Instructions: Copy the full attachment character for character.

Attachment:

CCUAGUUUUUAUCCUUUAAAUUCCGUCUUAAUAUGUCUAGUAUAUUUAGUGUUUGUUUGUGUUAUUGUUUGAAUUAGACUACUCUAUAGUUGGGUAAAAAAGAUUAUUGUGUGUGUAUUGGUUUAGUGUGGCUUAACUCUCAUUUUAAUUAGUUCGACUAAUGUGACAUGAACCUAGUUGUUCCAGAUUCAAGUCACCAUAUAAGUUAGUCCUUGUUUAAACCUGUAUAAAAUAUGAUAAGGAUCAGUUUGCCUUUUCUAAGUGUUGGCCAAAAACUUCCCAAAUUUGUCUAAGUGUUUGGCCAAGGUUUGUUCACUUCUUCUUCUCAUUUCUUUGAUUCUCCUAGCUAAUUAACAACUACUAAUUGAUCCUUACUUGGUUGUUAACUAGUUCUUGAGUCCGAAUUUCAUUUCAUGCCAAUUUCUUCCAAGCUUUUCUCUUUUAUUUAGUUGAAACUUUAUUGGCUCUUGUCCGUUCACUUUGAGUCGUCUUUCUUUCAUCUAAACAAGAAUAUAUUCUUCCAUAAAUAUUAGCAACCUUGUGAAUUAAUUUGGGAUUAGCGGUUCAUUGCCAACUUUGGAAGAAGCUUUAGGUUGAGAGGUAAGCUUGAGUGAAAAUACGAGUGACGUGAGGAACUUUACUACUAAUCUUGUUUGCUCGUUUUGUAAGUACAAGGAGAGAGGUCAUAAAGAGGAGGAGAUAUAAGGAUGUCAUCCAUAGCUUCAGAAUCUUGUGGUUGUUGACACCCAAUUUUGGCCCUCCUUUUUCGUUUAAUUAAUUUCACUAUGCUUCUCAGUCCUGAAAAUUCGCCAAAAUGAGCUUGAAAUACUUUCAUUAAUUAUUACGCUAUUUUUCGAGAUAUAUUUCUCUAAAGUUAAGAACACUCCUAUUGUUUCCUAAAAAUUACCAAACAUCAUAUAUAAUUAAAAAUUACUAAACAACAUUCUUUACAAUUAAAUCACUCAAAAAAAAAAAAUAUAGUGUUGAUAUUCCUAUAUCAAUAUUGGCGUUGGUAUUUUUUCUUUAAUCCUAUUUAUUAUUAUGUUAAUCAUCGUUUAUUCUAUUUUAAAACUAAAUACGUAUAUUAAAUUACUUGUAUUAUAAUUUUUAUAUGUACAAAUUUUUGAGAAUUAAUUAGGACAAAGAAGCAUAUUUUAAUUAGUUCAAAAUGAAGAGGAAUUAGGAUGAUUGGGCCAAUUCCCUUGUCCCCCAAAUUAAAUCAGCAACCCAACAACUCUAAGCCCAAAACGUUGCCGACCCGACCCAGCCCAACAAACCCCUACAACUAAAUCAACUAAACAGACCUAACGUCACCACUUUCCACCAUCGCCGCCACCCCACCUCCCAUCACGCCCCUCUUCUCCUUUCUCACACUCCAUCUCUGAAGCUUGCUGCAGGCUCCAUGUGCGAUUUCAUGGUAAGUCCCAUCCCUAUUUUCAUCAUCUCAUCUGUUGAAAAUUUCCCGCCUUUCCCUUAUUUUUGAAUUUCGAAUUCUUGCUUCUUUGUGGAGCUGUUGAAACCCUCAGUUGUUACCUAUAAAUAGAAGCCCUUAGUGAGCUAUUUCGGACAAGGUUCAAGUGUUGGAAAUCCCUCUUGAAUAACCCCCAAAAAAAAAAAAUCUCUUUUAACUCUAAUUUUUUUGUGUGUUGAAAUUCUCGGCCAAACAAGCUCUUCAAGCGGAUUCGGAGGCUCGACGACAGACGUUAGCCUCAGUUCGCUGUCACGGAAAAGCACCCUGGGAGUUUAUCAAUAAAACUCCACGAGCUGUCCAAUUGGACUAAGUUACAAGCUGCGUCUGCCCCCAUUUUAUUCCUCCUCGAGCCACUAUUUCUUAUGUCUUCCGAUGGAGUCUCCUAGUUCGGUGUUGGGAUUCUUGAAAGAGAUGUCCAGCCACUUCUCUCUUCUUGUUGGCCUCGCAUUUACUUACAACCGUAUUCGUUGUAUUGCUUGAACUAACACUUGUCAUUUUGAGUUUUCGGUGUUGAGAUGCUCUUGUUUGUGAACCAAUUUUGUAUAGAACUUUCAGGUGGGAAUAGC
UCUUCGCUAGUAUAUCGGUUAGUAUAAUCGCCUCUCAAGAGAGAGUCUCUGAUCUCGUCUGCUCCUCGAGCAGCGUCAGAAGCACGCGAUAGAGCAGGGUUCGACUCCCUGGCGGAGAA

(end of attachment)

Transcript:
CCUAGUUUUUAUCCUUUAAAUUCCGUCUUAAUAUGUCUAGUAUAUUUAGUGUUUGUUUGUGUUAUUGUUUGAAUUAGACUACUCUAUAGUUGGGUAAAAAAGAUUAUUGUGUGUGUAUUGGUUUAGUGUGGCUUAACUCUCAUUUUAAUUAGUUCGACUAAUGUGACAUGAACCUAGUUGUUCCAGAUUCAAGUCACCAUAUAAGUUAGUCCUUGUUUAAACCUGUAUAAAAUAUGAUAAGGAUCAGUUUGCCUUUUCUAAGUGUUGGCCAAAAACUUCCCAAAUUUGUCUAAGUGUUUGGCCAAGGUUUGUUCACUUCUUCUUCUCAUUUCUUUGAUUCUCCUAGCUAAUUAACAACUACUAAUUGAUCCUUACUUGGUUGUUAACUAGUUCUUGAGUCCGAAUUUCAUUUCAUGCCAAUUUCUUCCAAGCUUUUCUCUUUUAUUUAGUUGAAACUUUAUUGGCUCUUGUCCGUUCACUUUGAGUCGUCUUUCUUUCAUCUAAACAAGAAUAUAUUCUUCCAUAAAUAUUAGCAACCUUGUGAAUUAAUUUGGGAUUAGCGGUUCAUUGCCAACUUUGGAAGAAGCUUUAGGUUGAGAGGUAAGCUUGAGUGAAAAUACGAGUGACGUGAGGAACUUUACUACUAAUCUUGUUUGCUCGUUUUGUAAGUACAAGGAGAGAGGUCAUAAAGAGGAGGAGAUAUAAGGAUGUCAUCCAUAGCUUCAGAAUCUUGUGGUUGUUGACACCCAAUUUUGGCCCUCCUUUUUCGUUUAAUUAAUUUCACUAUGCUUCUCAGUCCUGAAAAUUCGCCAAAAUGAGCUUGAAAUACUUUCAUUAAUUAUUACGCUAUUUUUCGAGAUAUAUUUCUCUAAAGUUAAGAACACUCCUAUUGUUUCCUAAAAAUUACCAAACAUCAUAUAUAAUUAAAAAUUACUAAACAACAUUCUUUACAAUUAAAUCACUCAAAAAAAAAAAAUAUAGUGUUGAUAUUCCUAUAUCAAUAUUGGCGUUGGUAUUUUUUCUUUAAUCCUAUUUAUUAUUAUGUUAAUCAUCGUUUAUUCUAUUUUAAAACUAAAUACGUAUAUUAAAUUACUUGUAUUAUAAUUUUUAUAUGUACAAAUUUUUGAGAAUUAAUUAGGACAAAGAAGCAUAUUUUAAUUAGUUCAAAAUGAAGAGGAAUUAGGAUGAUUGGGCCAAUUCCCUUGUCCCCCAAAUUAAAUCAGCAACCCAACAACUCUAAGCCCAAAACGUUGCCGACCCGACCCAGCCCAACAAACCCCUACAACUAAAUCAACUAAACAGACCUAACGUCACCACUUUCCACCAUCGCCGCCACCCCACCUCCCAUCACGCCCCUCUUCUCCUUUCUCACACUCCAUCUCUGAAGCUUGCUGCAGGCUCCAUGUGCGAUUUCAUGGUAAGUCCCAUCCCUAUUUUCAUCAUCUCAUCUGUUGAAAAUUUCCCGCCUUUCCCUUAUUUUUGAAUUUCGAAUUCUUGCUUCUUUGUGGAGCUGUUGAAACCCUCAGUUGUUACCUAUAAAUAGAAGCCCUUAGUGAGCUAUUUCGGACAAGGUUCAAGUGUUGGAAAUCCCUCUUGAAUAACCCCCAAAAAAAAAAAAUCUCUUUUAACUCUAAUUUUUUUGUGUGUUGAAAUUCUCGGCCAAACAAGCUCUUCAAGCGGAUUCGGAGGCUCGACGACAGACGUUAGCCUCAGUUCGCUGUCACGGAAAAGCACCCUGGGAGUUUAUCAAUAAAACUCCACGAGCUGUCCAAUUGGACUAAGUUACAAGCUGCGUCUGCCCCCAUUUUAUUCCUCCUCGAGCCACUAUUUCUUAUGUCUUCCGAUGGAGUCUCCUAGUUCGGUGUUGGGAUUCUUGAAAGAGAUGUCCAGCCACUUCUCUCUUCUUGUUGGCCUCGCAUUUACUUACAACCGUAUUCGUUGUAUUGCUUGAACUAACACUUGUCAUUUUGAGUUUUCGGUGUUGAGAUGCUCUUGUUUGUGAACCAAUUUUGUAUAGAACUUUCAGGUGGGAAUAGC
UCUUCGCUAGUAUAUCGGUUAGUAUAAUCGCCUCUCAAGAGAGAGUCUCUGAUCUCGUCUGCUCCUCGAGCAGCGUCAGAAGCACGCGAUAGAGCAGGGUUCGACUCCCUGGCGGAGAA